There are times we must speak out to warn another of his sin. “So thou, O son of man, I have set thee a watchman unto the house of Israel; therefore thou shalt hear the word at my mouth, and warn them from me. When I say unto the wicked, O wicked man, thou shalt surely die; if thou dost not speak to warn the wicked from his way, that wicked man shall die in his iniquity; but his blood will I require at thine hand. Nevertheless, if thou warn the wicked of his way to turn from it; if he do not turn from his way, he shall die in his iniquity; but thou hast delivered thy soul.” Ezekiel 33:7-9. It is not necessary to beat him over the head relentlessly about his sin. Sometimes it is necessary “To deliver such an one unto Satan for the destruction of the flesh, that the spirit may be saved in the day of the Lord Jesus.” 1 Corinthians 5:5. We should then turn our energy to prayer that God will find a way to reach him. If we can begin to reflect God’s love to him while he is yet a sinner, and not our own condemnation, he can let down his defenses long enough to respond to the working of the Holy Spirit in his life. We are to judge his actions, not his salvation or lack of it. “For with what judgment ye judge, ye shall be judged: and with what measure ye mete, it shall be measured to you again.” Matthew 7:2. If I am the one being warned, I must be willing to acknowledge the possibility of sin in my life when it is pointed out to me, even if I do not at the moment see it as sin. Then I should take it to the Lord in prayer. He will confirm or dismiss the accusation.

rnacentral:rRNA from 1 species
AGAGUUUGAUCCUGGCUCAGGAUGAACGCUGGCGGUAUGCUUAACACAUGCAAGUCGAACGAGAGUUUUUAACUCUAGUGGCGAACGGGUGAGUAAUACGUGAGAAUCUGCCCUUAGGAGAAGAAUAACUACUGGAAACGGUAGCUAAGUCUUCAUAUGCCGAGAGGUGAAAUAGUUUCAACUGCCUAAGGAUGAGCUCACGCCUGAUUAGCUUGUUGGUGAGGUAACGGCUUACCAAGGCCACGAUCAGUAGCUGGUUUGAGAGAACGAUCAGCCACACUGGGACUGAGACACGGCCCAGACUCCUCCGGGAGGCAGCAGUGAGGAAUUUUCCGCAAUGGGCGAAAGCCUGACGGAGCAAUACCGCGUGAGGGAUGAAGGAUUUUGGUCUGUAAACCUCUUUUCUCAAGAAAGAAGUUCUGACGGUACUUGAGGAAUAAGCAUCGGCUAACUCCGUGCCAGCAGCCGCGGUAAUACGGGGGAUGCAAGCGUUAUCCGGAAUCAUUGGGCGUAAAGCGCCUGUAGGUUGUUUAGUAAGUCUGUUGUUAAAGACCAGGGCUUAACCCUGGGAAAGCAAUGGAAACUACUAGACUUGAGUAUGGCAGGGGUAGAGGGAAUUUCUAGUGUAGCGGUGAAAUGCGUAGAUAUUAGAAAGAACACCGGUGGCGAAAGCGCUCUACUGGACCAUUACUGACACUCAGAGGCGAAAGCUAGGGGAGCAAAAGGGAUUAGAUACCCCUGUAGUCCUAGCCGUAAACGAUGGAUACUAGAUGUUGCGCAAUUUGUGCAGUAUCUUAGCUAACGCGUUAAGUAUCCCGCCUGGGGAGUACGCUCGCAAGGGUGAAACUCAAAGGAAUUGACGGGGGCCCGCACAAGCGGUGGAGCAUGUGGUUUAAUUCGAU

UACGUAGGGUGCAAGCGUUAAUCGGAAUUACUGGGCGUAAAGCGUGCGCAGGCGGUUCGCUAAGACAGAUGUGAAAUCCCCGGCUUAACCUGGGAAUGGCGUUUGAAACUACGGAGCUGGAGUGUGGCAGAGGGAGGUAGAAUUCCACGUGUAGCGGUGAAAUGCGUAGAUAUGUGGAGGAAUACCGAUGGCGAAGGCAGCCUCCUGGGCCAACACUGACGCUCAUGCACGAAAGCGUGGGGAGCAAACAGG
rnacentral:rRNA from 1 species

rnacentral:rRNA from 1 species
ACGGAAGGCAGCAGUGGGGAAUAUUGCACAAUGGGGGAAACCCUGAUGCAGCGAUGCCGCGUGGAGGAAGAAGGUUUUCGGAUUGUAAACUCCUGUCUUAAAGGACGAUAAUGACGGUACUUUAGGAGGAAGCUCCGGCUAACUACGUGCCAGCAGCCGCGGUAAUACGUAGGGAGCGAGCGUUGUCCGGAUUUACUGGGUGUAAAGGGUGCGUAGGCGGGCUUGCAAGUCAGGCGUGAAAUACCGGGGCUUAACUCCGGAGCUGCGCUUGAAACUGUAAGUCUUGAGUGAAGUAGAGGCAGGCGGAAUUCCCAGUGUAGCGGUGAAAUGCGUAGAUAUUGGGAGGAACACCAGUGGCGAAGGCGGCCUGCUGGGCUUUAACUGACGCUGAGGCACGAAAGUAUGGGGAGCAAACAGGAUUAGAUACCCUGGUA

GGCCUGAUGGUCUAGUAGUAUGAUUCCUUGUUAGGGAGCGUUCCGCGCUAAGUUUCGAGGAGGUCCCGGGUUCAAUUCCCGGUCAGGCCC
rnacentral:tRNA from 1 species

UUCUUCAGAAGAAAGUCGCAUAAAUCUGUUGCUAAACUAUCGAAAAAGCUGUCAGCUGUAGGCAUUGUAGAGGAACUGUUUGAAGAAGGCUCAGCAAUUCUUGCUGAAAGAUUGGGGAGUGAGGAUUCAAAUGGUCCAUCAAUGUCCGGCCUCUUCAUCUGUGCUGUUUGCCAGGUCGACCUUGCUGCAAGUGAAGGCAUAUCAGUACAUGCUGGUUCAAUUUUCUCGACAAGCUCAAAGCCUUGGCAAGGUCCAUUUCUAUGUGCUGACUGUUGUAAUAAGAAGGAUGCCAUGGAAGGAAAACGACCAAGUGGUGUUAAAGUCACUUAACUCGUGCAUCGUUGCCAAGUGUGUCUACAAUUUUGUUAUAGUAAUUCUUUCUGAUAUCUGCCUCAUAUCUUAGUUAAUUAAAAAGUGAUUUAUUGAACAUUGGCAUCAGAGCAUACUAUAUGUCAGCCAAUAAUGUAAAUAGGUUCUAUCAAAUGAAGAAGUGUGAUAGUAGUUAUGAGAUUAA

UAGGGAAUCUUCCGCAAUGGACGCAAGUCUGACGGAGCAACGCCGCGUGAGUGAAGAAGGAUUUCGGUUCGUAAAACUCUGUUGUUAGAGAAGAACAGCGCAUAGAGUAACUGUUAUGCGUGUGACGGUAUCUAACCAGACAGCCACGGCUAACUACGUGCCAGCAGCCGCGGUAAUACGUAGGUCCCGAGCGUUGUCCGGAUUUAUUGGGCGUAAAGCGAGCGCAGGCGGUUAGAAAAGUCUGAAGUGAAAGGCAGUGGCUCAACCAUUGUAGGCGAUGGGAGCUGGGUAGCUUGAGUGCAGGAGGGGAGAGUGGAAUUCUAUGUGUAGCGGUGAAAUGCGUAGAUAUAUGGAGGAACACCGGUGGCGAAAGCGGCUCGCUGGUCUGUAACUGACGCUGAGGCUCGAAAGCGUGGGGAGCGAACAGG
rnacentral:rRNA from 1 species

Believers must be taught. They must also be teachable and willing to learn in whatever way God chooses to teach them. “And they shall teach my people the difference between the holy and profane, and cause them to discern between the unclean and the clean. And in controversy they shall stand in judgment; and they shall judge it according to my judgments: and they shall keep my laws and my statutes in all mine assemblies; and they shall hallow my sabbaths.” Ezekiel 44:23-24. “And that servant, which knew his lord’s will, and prepared not himself, neither did according to his will, shall be beaten with many stripes. But he that knew not, and did commit things worthy of stripes, shall be beaten with few stripes.” Luke 12:47-48.